Please use this url to cite or link to this publication:
author
organization
year
type
journalArticle (original)
publication status
published
subject
keyword
Growth and development, Postural balance, Spine, Pelvis, Clinical protocols, NORMAL-CHILDREN, SPINAL POSTURE, BALANCE, PELVIS, PARAMETERS, CHILDHOOD, ADULTS, PAIN
journal title
EUROPEAN SPINE JOURNAL
Eur. Spine J.
volume
21
issue
11
pages
2188 - 2197
Web of Science type
Article
Web of Science id
000310325100011
JCR category
ORTHOPEDICS
JCR impact factor
2.133 (2012)
JCR rank
18/63 (2012)
JCR quartile
2 (2012)
ISSN
0940-6719
DOI
10.1007/s00586-012-2416-7
language
English
UGent publication?
yes
classification
A1
copyright statement
I have transferred the copyright for this publication to the publisher
id
1967118
handle
http://hdl.handle.net/1854/LU-1967118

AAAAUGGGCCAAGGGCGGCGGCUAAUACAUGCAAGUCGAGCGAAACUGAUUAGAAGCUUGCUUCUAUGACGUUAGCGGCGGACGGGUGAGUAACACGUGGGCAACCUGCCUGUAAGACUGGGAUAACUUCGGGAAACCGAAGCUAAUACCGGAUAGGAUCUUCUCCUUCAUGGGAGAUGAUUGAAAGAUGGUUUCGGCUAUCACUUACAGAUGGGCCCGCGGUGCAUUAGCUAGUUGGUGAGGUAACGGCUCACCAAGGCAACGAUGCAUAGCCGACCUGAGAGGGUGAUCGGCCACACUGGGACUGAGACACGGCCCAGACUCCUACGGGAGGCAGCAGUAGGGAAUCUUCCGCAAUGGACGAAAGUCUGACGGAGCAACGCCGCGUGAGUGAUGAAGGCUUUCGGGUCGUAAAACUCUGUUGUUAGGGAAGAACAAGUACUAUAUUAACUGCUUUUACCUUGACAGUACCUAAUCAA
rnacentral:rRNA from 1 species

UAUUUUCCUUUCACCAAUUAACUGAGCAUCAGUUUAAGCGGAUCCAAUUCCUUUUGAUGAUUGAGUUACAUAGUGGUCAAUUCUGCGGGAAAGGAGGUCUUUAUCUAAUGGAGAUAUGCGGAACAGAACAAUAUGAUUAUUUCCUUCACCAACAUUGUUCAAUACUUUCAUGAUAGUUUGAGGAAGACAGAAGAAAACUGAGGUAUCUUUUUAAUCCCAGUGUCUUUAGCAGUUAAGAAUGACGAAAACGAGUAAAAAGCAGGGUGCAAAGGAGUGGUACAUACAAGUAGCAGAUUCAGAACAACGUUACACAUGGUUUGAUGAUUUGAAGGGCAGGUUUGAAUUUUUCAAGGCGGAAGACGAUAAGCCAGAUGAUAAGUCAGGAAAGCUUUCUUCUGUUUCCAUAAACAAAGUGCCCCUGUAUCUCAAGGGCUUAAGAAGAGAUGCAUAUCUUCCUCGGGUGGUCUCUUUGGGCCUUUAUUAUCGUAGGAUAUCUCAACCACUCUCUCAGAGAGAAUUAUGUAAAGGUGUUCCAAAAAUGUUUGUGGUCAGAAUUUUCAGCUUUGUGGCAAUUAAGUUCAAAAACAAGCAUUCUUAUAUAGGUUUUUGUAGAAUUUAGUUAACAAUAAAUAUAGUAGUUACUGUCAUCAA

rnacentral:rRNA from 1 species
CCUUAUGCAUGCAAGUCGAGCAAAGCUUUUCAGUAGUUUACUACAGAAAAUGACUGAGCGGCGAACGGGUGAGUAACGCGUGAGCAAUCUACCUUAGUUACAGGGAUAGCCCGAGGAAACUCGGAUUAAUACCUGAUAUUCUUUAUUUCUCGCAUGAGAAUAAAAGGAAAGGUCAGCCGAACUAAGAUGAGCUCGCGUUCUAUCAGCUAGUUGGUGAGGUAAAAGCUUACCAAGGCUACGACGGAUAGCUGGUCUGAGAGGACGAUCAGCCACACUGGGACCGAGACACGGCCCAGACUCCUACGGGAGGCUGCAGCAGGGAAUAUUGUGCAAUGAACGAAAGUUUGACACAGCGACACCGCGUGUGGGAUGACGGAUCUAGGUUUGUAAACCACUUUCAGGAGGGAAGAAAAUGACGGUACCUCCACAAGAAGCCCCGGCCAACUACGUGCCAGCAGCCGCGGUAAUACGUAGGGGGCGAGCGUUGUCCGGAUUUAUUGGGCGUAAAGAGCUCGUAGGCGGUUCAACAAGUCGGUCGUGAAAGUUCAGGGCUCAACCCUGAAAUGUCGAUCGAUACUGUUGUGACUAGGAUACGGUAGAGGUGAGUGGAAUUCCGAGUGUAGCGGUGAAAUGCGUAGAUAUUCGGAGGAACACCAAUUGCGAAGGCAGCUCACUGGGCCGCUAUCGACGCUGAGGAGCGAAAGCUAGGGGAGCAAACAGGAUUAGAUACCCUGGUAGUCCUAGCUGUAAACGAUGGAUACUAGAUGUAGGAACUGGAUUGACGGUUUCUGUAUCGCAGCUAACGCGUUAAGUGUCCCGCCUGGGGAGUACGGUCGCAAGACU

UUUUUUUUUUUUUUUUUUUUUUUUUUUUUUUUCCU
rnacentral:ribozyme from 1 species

date created
2011-12-14 13:53:18
date last changed
2013-07-09 14:37:05
@article{1967118,
  abstract     = {From a clinical point of view, knowledge of customary standing positions among healthy young adolescents is of primary importance. The purpose of this study was to document the correlations between sagittal standing posture parameters in a pre-peak height velocity (pre-PHV) cohort. 
This cohort study included 639 pre-PHV boys (age 12.6 [SD, 0.54] years) and 557 pre-PHV girls (age 10.6 [SD, 0.47] years). Gross body segment orientations and spinopelvic orientation/shape indexes were quantified using a clinical screening protocol. Pearson's correlation coefficients were determined for all sagittal standing plane alignment parameters, and a postural model was used to analyze the correlations between parameters.